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5 Tips to Keep Your Pet Fit


FOUR PAWS advises on diet and exercises to help cure or avoid obesity in pets

 

BOSTON, MA JANUARY 26 2017 – Obesity is a serious condition, not only in humans but also in animals. The negative impact of obesity on the health of an animal reduces both the quality and duration of its life.

 

Experts estimate that approximately 50% of companion animals kept in Western countries are overweight*. The main factor is an inappropriate diet given to pets by their owners. Pets often consume significantly more calories than they expend, usually due to the high-calorific nature of some pet foods.

 

Sarah Ross, lead expert for the FOUR PAWS Companion Animals Program explained: "Dry food contains nutrients in concentrated form; a small portion is usually sufficient for a dog or a cat. Often, [large] portion sizes can lead to an animal becoming obese, particularly if it does not receive sufficient exercise.”

 

According to the FOUR PAWS, it is also important to consider the cumulative effect of “treats,” as these may provide a significant source of calories on their own, which can lead to an animal becoming overweight.

 

Other important factors leading to obesity include a lack of physical exercise, a lack of agility in older animals, and/or a genetic pre-disposition towards obesity in certain breeds. If an owner can’t feel their pet’s ribs under the layer of fat or is unable to see the waist of their pet, then it is imperative that action is taken. At this point, it is likely that the animal is overweight, which could cause numerous negative health effects such as shortness of breath, joint and cardiovascular problems, and even diabetes.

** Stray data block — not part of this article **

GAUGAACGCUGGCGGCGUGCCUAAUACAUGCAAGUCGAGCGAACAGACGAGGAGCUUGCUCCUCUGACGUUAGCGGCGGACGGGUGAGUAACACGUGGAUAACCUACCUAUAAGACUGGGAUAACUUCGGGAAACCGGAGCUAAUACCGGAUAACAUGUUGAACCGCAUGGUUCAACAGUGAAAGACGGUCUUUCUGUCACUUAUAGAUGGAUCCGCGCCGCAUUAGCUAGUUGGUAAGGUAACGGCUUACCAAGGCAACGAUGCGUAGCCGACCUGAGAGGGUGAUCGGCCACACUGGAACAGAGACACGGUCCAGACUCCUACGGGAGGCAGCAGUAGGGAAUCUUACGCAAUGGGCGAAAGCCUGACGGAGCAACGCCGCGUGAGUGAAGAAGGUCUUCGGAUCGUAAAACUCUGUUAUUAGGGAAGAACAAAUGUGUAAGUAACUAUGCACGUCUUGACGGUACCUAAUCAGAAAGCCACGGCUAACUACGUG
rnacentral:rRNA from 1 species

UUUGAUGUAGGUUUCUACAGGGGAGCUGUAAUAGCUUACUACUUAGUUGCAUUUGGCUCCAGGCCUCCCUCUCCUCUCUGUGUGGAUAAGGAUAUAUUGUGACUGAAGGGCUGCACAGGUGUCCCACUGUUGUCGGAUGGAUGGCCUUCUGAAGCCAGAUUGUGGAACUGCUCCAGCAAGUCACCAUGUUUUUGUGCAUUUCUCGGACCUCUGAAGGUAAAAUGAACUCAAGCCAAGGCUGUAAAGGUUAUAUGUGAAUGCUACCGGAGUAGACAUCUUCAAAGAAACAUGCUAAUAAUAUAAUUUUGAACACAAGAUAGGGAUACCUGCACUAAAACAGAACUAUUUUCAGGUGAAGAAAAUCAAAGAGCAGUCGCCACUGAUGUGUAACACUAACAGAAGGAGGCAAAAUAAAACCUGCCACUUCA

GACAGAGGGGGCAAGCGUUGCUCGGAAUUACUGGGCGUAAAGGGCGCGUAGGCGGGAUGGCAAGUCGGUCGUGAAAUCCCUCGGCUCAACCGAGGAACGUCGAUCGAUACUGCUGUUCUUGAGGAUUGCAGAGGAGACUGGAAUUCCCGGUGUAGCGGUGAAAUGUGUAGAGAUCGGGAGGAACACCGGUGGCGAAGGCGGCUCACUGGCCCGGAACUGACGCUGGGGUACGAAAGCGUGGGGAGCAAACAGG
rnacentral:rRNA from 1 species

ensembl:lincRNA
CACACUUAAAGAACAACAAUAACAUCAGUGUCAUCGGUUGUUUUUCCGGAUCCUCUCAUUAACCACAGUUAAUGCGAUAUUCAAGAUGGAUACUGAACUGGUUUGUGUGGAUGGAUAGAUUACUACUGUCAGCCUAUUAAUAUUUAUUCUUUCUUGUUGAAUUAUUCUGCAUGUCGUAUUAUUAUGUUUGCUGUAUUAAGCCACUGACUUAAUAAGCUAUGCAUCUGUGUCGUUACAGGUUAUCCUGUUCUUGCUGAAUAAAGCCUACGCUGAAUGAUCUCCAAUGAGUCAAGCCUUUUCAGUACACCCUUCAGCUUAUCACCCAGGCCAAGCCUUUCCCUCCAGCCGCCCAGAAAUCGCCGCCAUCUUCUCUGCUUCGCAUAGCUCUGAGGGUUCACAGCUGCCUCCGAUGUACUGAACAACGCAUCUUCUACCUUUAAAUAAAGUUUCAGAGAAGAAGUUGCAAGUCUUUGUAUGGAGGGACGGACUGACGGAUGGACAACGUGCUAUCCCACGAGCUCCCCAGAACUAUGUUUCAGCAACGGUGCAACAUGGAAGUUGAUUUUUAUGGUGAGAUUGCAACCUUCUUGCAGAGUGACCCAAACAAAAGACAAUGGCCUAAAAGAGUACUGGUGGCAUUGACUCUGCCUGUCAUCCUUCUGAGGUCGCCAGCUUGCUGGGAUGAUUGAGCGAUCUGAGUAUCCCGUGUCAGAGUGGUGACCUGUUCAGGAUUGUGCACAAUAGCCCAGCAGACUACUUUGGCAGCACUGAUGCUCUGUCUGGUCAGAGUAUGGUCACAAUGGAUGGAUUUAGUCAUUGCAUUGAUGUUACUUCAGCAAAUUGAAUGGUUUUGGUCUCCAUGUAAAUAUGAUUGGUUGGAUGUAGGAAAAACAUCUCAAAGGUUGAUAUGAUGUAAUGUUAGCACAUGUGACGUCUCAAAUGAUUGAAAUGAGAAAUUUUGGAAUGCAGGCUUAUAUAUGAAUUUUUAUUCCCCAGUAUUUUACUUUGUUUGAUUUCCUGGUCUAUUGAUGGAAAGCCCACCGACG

To help owners avoid this scenario, FOUR PAWS advises pet owners to follow these 5 easy tips to keep their pet healthy: 

 

1. Talk to your veterinarian about your pets’ weight. A good indicator of obesity is if you cannot feel each rib bone individually when you push gently on its side. Generally, however, your veterinarian will know. Other resources are available online to find out your cat or dog’s goal weight based on breed or size.  

 

2. Diet; Just like humans, the food our pets eat fuel their energy levels. Some foods can be too high in calories and can outweigh the energy they burn throughout the day. After consultation with your vet and finding your pet’s optimal caloric intake, make sensible adjustments to the pet’s diet such as decreasing quantity of food gradually throughout the course of a few months. Track those Treats! Cat and dog treats are another major cause of obesity. Cut back on calorie rich dog and cat treats and only use them on special occasions or for training and obedience.

 

3. Exercise; Walk or run your dog more often, visit dog parks or make time for high energy games during the day (Hint: Specific dog breeds have different exercise preferences: Retrievers generally love to play fetch while collie’s may enjoy playing with or herding other dogs. Do some research on your own breed and find out exactly what they were breed for. An added bonus is that once a hyperactive dog gets routine exercise, a lot of the destructive or “bad” behaviour may disappear).

 

4. Socialization; Very commonly linked to physical health is the cat or dogs emotional and psychological health. Especially for dogs, socialising with others can emphasize play and a more youthful energy level.  Play active games with your pet or set up play dates with other dogs

 

5. Stimulation; While you may go to work all day, your dog or cat most often sleeps most of the day. When possible, stimulation in the form of games and puzzles could help your cat or dog be more active.

 

Obesity is a problem, but it can be overcome. With the correct diet and exercise regime, pets can live long and active lives.

 

 

*According to the Association for Pet Obesity Prevention, in 2015, an estimated 53.8% of US dogs were overweight or obese. An estimated 58.2% of US cats were overweight or obese. http://petobesityprevention.org/2015-pet-obesity-statistics/ 

 

 

 


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